In fact, the conscious decision was made by an overwhelmingly progressive administration in 2009 to push more people into private markets by subsidizing health insurance. The very model that the ACA put forward is rather analogous to school choice proposals: assessments are paid by taxpayers who can afford a higher standard of care and translated into subsidies offered directly to those who cannot afford what the government considered an ‘acceptable’ level of care. And in this model, everyone gets to choose their provider—some with more limited options than others based on geography and availability. And even more to the point, providers get to choose patients: doctors are allowed to limit appointments for insurance providers they don’t accept, and for people with public funding like Medicaid, almost inarguably the most needy population.
If this was considered acceptable for a service where lives depend on the quality of the provider, why do we dismiss it for education? Why must we limit choice, in a system where even though everyone pays into the pot, few parents are given any accommodation for wanting a different path for their own children? And wouldn’t such choice encourage a competition amongst institutions for students which has shown at the post-secondary level that even public schools can compete with the best private institutions (in the world)?
Instead, our federal government pours billions into failing schools thinking that money, supposedly the root of all evil, is the requisite solution. When given this money with conditions attached, only three percent of school districts chose the charter option that my wife (among many others) considered transformative. The vast majority of them simply swapped out administrators and gave the same teachers new instructional strategies—more top-down thinking that yielded disgustingly negative returns on investment. And despite Betsy DeVos’s sub-par confirmation hearing, all we heard from those most contentiously questioning her was whether she would continue this failed line of thinking and loosen the purse-strings even further.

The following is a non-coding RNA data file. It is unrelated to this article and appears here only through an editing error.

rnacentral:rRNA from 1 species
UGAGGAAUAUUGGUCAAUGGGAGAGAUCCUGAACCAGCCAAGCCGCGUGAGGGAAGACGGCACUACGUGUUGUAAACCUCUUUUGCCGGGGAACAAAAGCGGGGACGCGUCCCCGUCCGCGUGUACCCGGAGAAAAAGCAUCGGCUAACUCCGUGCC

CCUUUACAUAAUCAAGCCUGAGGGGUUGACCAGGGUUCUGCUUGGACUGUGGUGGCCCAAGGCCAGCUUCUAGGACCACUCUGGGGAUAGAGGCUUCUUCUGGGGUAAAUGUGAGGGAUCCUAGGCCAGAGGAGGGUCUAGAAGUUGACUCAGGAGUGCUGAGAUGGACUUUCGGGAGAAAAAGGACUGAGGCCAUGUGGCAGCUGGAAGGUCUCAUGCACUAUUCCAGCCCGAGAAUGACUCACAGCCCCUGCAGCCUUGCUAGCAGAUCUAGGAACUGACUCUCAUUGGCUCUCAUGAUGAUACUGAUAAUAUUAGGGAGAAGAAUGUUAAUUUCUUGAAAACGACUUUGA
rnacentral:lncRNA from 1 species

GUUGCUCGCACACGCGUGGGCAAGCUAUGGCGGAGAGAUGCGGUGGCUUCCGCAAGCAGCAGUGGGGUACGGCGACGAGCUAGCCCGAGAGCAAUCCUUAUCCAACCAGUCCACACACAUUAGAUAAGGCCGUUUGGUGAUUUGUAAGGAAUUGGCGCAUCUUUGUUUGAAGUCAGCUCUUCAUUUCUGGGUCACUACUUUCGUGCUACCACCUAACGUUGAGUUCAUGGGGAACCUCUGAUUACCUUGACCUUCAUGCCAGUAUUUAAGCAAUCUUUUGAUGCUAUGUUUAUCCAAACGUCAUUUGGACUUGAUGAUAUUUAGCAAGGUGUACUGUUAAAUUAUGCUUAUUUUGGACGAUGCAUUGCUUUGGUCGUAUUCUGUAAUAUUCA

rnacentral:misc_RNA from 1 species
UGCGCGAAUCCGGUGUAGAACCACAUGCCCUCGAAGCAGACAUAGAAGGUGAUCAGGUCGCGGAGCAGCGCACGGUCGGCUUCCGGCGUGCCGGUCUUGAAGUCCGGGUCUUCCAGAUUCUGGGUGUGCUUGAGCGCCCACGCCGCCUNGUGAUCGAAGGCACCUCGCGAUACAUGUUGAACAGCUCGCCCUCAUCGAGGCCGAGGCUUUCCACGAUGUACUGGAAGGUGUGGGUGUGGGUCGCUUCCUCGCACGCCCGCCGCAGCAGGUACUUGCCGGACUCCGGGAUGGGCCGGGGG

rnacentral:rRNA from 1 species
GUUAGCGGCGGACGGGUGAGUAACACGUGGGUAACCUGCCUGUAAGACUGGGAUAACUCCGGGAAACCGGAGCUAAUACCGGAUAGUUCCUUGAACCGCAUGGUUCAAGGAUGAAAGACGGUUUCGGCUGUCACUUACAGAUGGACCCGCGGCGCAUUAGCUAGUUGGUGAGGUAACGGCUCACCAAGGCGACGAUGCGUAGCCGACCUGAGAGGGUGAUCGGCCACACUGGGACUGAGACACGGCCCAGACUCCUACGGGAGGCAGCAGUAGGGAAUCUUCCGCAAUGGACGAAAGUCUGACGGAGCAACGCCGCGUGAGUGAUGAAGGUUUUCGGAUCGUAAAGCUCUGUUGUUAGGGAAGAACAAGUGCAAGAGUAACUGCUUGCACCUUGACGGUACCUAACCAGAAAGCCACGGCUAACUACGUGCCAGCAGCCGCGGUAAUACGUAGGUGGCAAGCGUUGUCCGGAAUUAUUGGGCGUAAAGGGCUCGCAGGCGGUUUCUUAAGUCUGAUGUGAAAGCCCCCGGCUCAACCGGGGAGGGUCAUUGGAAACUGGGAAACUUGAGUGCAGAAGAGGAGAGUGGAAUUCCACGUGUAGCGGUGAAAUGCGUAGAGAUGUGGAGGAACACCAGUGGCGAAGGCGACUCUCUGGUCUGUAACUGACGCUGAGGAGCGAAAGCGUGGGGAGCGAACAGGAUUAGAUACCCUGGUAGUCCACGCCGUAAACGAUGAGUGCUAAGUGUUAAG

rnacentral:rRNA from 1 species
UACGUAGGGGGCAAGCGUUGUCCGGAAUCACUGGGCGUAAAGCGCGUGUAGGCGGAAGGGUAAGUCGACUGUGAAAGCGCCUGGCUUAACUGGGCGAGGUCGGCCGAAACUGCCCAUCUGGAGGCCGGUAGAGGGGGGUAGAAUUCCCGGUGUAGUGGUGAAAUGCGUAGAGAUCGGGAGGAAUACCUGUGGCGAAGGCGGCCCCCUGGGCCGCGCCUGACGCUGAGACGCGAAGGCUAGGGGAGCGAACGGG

As this chart shows, while we’ve continued to throw money (in real dollars), teachers, and administrators at the system, the results haven’t improved demonstrably in the entire existence of the federal Department of Education.
More money doesn’t make bad ideas or methods better. We need entrepreneurship at the local level. We need to free up the independent spirit of our most capable instructors and let them inspire others with both their efforts and results. And we need to put all the available choices in the hands of those who deserve it most: parents and students.
*In 2016, when the failure of the ACA became widely apparent, President Obama published a paper indicating that a widely-available public health care option was necessary for a functioning system. This paper was all-too-coincidentally timed with an accountability report analyzing the VA’s issues which offered that the system should be used as a public option for all families of veterans, and other populations, suggesting that the intent all along may have been to create a system in the ACA designed to make a public option appear more viable.
This article originally appeared on Shifting Gears.